February 27, 2012 is a day that will surely live in infamy in the annals of TYA History. On that day, a scant two months ago, we published our top-prospects lists, yet it seems like only yesterday we were all happily discussing a stout farm system, eager to see the future of the franchise tearing it up in the Minors – naivety at its finest. The perils of youth…
Kidding aside, the end of the first month of the season seems apropos to revisit said prospects – to go back to the future, I suppose. While it represents a somewhat arbitrary endpoint, it does give a somewhat reasonable sample size to work with, as hitters and pitchers alike should have seen a few different looks at this juncture (e.g. different parks, different competition). It also coincides with the time in which promotions tend to kick-off (albeit sluggishly), so it provides for some interesting speculation.
For the purposes of this report, I will focus solely on the prospects that made our combined top-twenty list. If you would like to see different prospects next time around, let me know in the comments or shoot me a message on Twitter. And be advised – much of this is quite reactionary.
01. Manny Banuelos – Empire State Yankees, Triple-A
5.1 IP, 14 H, 7 BB, 2 K, 10.13 ERA, 8.83 FIP
There really isn’t anything pleasant to say about Banuelos’ abbreviated month of April, nor is there any semblance of a silver lining. It appears that durability is going to be a ubiquitous concern with Banuelos, as he has been on the disable list since April 13th with a lat strain (which was supposed to keep him out for one start) – and while he hasn’t had any grievous issues with his arm or shoulder, he has missed time every year with minor, nagging injuries, and his size does not lend confidence in this regard.
I remain excited about Banuelos’ talent and impressive ceiling, particularly as he refines his cutter, but there is some cause for concern here.
02. Gary Sanchez – Charleston RiverDogs, Low-A
.346/.407/.462, 0 HR, 6 SB, 148 wRC+ (86 PA)
Sanchez’s performance thus far is all but diametrically opposed to Banuelos’. With the exception of his power numbers (which are the least of anyone’s worries), Sanchez has been strong across the board this season … and that includes his defense behind the plate. Keith Law wrote a bit about the Charleston RiverDogs after taking in a game, and he found that “[h]is defense was a pleasant surprise, as he’s substantially improved over where he was last year in both receiving and throwing.” The general sentiment with Sanchez’s defense seems to be that he will have to work his ass off to stick at catcher, but the potential is there – and that’s more than most were saying about the dearly departed Jesus Montero at a similar age.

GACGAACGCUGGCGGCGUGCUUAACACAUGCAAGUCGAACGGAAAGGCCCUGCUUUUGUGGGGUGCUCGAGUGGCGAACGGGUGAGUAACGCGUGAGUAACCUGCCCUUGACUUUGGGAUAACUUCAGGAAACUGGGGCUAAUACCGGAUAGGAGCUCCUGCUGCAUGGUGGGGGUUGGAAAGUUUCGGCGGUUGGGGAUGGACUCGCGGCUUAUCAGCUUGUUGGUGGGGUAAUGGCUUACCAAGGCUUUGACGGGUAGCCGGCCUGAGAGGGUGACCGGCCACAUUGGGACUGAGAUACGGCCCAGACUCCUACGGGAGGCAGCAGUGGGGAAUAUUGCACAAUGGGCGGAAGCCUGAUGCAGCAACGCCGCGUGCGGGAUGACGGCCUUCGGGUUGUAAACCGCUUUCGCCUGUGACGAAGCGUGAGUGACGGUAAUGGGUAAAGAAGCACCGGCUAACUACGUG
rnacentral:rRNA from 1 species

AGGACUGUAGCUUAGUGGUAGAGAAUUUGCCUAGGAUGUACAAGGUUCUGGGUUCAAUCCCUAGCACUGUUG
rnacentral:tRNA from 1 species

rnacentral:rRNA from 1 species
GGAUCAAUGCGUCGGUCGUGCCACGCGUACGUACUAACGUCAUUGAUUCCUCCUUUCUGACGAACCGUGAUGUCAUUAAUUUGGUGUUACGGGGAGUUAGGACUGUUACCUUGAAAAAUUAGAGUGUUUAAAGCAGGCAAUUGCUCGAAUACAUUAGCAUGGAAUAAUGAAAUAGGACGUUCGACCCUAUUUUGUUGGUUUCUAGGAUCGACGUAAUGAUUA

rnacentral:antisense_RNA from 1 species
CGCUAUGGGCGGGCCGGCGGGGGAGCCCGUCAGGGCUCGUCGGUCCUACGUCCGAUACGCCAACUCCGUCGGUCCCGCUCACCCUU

03. Mason Williams – Charleston RiverDogs, Low-A
.315/.343/.457, 1 HR, 8 SB, 124 wRC+ (100 PA)
Williams has drawn rave reviews for his performance thus far, and with good reason. His plate approach has been very aggressive thus far, as his paltry 4.0% walk rate attests, but his strikeout rate is equally infinitesimal … and his .315 BABIP is on the low side, given his speed and batted ball profile. His defense remains top-notch in center, as well, and his build and general athleticism indicate a player that can stick at the position for the foreseeable future. In short, Williams’ performance leaves little to be desired.
04. Dellin Betances – Empire State Yankees, Triple-A
22.1 IP, 22 H, 21 BB, 19 K, 7.25 ERA, 6.20 FIP
It is difficult to be anything but pessimistic with Betances, given his up and down professional career, injury history, and general scouting consensus (which finds him in the bullpen). The lumbering right-hander looked stellar in his first outing – 5.0 IP, 4 H, 2 R, 1 BB, 6 K – and has not found the strikezone since. His mechanics are out of whack, and he’s been overcompensating for his lack of command by leaving pitches out over the plate, increasing his hittability tenfold. I don’t think it’s quite time to panic, as the ace-like stuff is still there, but the bad has outpaced the good since Betances reached Triple-A.
05. Jose Campos – Charleston RiverDogs, Low-A
24.2 IP, 20 H, 8 BB, 26 K, 4.01 ERA, 3.24 FIP